The Two I/O Taxes
The effect of virtualization on throughput
In this short technical briefing on the two I/O taxes in a virtual environment and their effects on throughput, we will cover unhealthy and healthy I/O profiles.
An unhealthy I/O profile is split, small, and random. It is detrimental to performance in Windows environments.
As great as virtualization has been for server efficiency and cost savings, the downside is that it adds complexity to the data path and adds latency.
There are 2 severe I/O inefficiencies contributing to an unhealthy I/O profile. The first is one is the Windows I/O tax. Windows is creating I/O characteristics that are much smaller, more fractured, and more random that they need to be. It’s the perfect trifecta for bad storage performance.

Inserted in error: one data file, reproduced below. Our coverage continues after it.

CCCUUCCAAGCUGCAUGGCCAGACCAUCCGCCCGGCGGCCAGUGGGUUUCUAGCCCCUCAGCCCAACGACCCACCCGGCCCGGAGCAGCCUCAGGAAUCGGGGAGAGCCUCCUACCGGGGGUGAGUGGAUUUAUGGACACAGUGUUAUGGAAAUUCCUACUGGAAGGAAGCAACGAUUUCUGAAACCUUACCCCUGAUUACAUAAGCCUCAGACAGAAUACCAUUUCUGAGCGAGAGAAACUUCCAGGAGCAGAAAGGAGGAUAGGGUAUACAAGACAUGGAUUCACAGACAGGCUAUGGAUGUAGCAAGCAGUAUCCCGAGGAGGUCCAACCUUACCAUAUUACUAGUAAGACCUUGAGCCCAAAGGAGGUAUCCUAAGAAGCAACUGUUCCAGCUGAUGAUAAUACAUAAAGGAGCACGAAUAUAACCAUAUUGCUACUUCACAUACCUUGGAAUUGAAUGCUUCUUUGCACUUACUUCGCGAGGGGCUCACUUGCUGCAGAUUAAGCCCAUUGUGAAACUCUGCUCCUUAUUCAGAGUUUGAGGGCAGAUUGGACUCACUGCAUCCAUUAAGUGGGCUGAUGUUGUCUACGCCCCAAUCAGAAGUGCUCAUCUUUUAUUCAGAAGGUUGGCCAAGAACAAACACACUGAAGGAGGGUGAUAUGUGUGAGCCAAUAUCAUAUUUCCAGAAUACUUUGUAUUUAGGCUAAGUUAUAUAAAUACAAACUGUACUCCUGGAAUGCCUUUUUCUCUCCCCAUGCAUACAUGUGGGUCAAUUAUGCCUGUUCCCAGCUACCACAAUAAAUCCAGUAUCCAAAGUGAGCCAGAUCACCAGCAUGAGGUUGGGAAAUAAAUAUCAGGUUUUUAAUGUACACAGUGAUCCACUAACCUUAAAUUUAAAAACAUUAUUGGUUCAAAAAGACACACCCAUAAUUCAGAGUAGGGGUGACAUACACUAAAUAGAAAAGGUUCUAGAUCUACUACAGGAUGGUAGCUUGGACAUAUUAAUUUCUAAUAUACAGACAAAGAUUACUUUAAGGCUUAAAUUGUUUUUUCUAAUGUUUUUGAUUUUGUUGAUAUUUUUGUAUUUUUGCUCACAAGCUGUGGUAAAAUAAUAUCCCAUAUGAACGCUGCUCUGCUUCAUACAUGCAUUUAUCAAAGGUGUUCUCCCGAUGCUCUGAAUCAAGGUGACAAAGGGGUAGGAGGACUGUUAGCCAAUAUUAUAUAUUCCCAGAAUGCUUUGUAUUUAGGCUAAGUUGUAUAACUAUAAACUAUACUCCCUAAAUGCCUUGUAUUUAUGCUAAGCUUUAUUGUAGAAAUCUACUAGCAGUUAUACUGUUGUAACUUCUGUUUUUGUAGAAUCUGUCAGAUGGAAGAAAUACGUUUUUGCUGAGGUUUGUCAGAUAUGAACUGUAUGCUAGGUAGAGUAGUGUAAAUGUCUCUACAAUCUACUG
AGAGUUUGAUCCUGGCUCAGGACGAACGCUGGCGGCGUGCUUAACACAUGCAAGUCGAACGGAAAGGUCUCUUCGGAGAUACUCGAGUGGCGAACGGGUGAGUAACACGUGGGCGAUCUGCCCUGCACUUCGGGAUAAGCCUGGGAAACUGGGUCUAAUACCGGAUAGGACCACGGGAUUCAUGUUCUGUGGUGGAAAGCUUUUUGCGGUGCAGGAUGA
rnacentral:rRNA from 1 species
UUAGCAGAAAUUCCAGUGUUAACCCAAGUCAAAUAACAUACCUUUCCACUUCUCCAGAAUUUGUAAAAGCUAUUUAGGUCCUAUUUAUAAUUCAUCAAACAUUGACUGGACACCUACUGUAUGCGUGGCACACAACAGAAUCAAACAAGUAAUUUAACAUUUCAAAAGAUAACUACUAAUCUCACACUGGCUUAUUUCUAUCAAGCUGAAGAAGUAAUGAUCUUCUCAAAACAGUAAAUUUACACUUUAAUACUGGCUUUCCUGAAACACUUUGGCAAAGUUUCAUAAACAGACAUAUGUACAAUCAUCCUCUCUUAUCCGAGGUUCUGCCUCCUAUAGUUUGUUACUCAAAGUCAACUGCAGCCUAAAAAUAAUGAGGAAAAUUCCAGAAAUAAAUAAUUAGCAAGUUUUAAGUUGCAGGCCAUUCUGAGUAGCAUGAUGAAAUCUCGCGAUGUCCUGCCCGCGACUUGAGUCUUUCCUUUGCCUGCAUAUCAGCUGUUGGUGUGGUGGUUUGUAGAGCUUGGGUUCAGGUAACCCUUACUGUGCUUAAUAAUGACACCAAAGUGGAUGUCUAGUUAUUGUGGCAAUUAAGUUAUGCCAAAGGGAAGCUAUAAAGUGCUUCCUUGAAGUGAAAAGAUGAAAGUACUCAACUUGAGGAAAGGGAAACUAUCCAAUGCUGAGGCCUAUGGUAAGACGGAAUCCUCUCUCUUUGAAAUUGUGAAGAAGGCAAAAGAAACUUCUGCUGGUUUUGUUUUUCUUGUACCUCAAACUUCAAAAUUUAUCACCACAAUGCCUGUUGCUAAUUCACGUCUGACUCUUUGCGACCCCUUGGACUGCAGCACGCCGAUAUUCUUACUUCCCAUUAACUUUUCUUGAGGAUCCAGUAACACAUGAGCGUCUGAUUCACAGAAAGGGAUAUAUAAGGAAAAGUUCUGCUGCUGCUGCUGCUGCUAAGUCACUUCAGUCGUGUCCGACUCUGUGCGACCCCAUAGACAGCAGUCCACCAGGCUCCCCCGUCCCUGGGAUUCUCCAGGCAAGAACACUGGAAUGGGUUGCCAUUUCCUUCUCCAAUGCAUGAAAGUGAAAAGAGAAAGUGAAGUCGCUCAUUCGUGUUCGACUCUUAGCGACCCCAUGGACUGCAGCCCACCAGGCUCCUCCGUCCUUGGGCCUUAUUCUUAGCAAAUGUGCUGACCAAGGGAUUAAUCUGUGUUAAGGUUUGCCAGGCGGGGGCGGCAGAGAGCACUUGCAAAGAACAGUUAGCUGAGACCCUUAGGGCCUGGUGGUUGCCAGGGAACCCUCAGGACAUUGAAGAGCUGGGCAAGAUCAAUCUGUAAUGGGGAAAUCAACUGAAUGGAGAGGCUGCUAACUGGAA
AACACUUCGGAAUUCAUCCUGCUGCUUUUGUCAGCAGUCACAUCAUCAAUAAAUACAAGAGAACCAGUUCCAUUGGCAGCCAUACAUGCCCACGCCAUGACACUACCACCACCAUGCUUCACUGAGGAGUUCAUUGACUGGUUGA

The second I/O penalty is the I/O blender effect, also known as I/O contention. It means the workload from one server or VM is being impacted by its neighboring servers or VM’s. Whether they are related or not, they are sharing the same hardware. Even if they’re not on the same host, they’re sharing the same back-end storage.
You want a healthy, optimum I/O profile. You need contiguous, large, sequential I/O because that is how you can achieve a 30-40% performance.
You can resolve the two I/O taxes in virtual environments. Watch the short technical briefing.